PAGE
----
President Huddleston on Proposed Cuts to State Budget; Impact on UNH
March 28, 2011
Dear Members of the UNH Community,
Anyone following the news at the State House knows that New Hampshire is facing a serious budget crisis—and that lawmakers are considering some drastic cuts to balance the budget.
I want to update you on where these discussions stand in regard to the university’s portion of the state budget, and outline how we will respond as the budget process continues to unfold in Concord.
Recently, the House Finance Committee approved a 45 percent cut in state support to the University System. At UNH, that would equal about $31 million—a historic and devastating cut. The full House will vote on the budget by April 1. The budget then goes before the state Senate, which will make its own recommendation by June 1, hopefully at a far more reasonable level than the House appropriation. Finally, both the House and Senate budgets must be reconciled, and then brought before Gov. Lynch for final action by the end of June.
During the next three months, we will be aggressively making our case—to lawmakers and to the public—to fight these deep cuts and promote the value of UNH to the state’s economy and well-being.
Among our primary concerns is for our students and their families, who are already struggling in this economy. Our mission—particularly in our role as educators—is dependent on keeping UNH affordable to students, and we must not allow a cut in state funding to create a barrier for our students or an undue burden on their families.
It’s uncertain what our final portion of the state budget will be, or how the impact will be felt here. But clearly, the cuts proposed in the House would carry serious consequences for the UNH community, and for New Hampshire.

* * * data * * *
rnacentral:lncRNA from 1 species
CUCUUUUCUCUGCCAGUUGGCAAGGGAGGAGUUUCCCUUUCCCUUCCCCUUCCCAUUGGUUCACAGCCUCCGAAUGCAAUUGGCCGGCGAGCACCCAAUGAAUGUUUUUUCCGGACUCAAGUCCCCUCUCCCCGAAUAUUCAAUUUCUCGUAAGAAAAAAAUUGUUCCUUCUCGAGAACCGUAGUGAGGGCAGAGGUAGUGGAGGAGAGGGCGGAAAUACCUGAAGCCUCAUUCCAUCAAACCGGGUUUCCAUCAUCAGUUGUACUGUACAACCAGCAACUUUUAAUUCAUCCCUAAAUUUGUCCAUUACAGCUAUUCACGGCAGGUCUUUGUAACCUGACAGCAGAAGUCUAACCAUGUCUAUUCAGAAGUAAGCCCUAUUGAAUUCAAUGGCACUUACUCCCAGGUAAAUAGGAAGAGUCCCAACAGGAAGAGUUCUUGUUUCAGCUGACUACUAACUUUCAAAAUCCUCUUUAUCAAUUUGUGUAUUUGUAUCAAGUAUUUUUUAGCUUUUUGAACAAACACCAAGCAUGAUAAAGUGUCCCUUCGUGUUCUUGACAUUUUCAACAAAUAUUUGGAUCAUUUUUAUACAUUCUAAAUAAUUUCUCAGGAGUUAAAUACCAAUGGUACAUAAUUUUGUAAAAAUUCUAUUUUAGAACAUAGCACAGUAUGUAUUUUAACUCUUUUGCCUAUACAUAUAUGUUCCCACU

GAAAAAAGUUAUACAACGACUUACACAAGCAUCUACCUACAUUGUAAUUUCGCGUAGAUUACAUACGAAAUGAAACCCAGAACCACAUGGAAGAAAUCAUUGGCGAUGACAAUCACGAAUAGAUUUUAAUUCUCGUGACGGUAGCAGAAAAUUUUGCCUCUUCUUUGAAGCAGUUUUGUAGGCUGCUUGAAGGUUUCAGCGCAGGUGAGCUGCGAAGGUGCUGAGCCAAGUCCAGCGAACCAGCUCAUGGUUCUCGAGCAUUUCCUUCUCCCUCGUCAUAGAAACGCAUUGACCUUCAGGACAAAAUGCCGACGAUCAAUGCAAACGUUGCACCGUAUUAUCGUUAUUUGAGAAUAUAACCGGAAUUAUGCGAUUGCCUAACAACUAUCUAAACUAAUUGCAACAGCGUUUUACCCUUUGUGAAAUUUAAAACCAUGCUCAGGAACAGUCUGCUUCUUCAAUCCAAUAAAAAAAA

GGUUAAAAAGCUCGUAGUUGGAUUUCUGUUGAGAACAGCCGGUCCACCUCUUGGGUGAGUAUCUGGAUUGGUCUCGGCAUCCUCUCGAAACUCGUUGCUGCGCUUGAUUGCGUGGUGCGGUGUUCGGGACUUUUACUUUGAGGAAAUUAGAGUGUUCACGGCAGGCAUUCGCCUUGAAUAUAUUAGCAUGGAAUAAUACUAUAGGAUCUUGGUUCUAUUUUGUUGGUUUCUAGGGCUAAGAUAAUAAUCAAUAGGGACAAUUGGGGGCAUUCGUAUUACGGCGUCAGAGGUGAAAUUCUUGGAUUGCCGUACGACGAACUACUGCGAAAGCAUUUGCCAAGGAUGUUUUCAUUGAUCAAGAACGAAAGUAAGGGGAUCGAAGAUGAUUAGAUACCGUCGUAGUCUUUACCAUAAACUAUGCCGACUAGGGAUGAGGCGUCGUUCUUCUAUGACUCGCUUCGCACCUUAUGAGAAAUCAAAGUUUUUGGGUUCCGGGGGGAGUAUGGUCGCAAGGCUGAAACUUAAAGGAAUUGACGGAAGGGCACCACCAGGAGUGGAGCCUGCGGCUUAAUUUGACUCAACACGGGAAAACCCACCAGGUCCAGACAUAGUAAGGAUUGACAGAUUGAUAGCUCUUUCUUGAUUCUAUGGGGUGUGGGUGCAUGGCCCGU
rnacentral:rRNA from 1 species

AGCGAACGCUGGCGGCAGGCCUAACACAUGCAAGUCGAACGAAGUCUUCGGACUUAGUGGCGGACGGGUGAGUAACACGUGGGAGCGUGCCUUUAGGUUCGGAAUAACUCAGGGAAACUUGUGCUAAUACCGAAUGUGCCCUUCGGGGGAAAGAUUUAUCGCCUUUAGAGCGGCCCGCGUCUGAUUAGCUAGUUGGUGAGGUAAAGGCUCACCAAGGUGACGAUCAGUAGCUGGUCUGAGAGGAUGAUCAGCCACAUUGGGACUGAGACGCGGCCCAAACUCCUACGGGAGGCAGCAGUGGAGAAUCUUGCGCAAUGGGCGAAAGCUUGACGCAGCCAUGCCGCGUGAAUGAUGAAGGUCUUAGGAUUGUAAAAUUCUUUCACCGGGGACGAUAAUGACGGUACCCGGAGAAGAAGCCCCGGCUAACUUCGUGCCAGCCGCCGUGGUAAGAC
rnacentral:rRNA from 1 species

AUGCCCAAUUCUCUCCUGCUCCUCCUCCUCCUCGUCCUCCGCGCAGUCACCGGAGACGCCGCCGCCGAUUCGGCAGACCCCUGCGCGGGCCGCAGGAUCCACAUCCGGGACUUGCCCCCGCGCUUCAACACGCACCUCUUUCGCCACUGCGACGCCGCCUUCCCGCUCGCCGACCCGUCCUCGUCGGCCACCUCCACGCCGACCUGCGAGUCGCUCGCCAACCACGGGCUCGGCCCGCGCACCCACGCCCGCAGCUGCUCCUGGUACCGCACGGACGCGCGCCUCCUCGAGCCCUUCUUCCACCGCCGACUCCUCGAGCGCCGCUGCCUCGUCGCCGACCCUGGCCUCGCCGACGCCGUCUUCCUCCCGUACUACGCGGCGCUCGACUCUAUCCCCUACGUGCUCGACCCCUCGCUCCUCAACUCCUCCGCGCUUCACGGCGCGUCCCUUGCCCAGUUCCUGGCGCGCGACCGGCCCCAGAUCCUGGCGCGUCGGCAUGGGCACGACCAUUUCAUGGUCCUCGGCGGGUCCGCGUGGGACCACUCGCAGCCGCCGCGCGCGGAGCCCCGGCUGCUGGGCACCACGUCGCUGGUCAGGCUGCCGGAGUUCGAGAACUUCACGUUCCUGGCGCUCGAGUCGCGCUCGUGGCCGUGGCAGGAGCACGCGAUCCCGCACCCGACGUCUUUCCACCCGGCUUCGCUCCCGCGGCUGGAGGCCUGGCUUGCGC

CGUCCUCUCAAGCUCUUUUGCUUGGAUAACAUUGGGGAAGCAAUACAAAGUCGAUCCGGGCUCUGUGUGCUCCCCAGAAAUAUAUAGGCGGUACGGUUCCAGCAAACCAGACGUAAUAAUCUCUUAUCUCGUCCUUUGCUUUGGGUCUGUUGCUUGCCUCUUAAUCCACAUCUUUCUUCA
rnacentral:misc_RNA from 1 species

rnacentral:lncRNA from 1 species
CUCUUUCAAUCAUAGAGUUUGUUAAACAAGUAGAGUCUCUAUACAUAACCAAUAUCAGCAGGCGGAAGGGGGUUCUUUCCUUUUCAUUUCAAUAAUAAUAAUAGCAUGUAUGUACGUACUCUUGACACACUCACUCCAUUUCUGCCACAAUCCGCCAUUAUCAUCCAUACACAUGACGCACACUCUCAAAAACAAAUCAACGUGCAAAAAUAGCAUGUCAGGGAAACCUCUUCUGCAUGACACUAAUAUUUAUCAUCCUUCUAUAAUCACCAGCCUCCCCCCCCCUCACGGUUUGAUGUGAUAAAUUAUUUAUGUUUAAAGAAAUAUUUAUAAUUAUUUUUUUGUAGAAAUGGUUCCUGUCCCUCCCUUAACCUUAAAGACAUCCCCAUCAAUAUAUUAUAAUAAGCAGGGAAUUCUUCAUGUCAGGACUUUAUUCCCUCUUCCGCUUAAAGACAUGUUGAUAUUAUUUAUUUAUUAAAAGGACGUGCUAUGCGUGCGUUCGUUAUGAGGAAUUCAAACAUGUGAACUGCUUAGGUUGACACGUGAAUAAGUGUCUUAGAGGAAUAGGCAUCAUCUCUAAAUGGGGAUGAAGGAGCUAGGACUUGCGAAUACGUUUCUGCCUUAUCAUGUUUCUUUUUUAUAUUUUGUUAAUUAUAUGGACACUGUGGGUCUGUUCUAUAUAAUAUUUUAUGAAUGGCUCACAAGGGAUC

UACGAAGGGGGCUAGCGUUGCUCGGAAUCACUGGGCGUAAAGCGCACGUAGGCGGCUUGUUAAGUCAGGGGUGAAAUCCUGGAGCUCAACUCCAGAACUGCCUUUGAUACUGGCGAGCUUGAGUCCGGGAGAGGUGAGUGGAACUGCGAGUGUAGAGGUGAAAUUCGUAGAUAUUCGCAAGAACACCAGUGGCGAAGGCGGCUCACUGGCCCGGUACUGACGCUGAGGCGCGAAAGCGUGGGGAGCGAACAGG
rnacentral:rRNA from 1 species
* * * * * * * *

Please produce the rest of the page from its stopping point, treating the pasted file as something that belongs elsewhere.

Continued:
At this point, we are focused on reminding our state’s lawmakers of the critical, positive role that UNH plays in supporting the state’s economy. In fact, they need to hear from us—and from you—that as an investment, UNH offers the state’s economy an extraordinary return on its public dollars. With the state’s $68 million annual investment, for example, UNH contributes $1.3 billion to the gross state product. We do this by providing education, fostering research, and promoting public-private partnerships that benefit the entire state.
In the coming days, an opinion piece will be running in the state’s newspapers, making the case for UNH and kicking off our public campaign to fight against these cuts.
I want to keep you up to date as the budget moves through the Legislature. So, we’re creating a special page on the Office of the President’s website, at http://www.unh.edu/president/budget/, to keep you informed. Please check in often to follow the process and to learn how you can keep UNH strong.
In the coming weeks, we will be asking the campus community, alumni, and friends of the university to contact their elected representatives to advocate for UNH. Together, our voices will resonate from across all New Hampshire clear into the halls and offices of the State House.
With sincere thanks for your support,
Mark W. Huddleston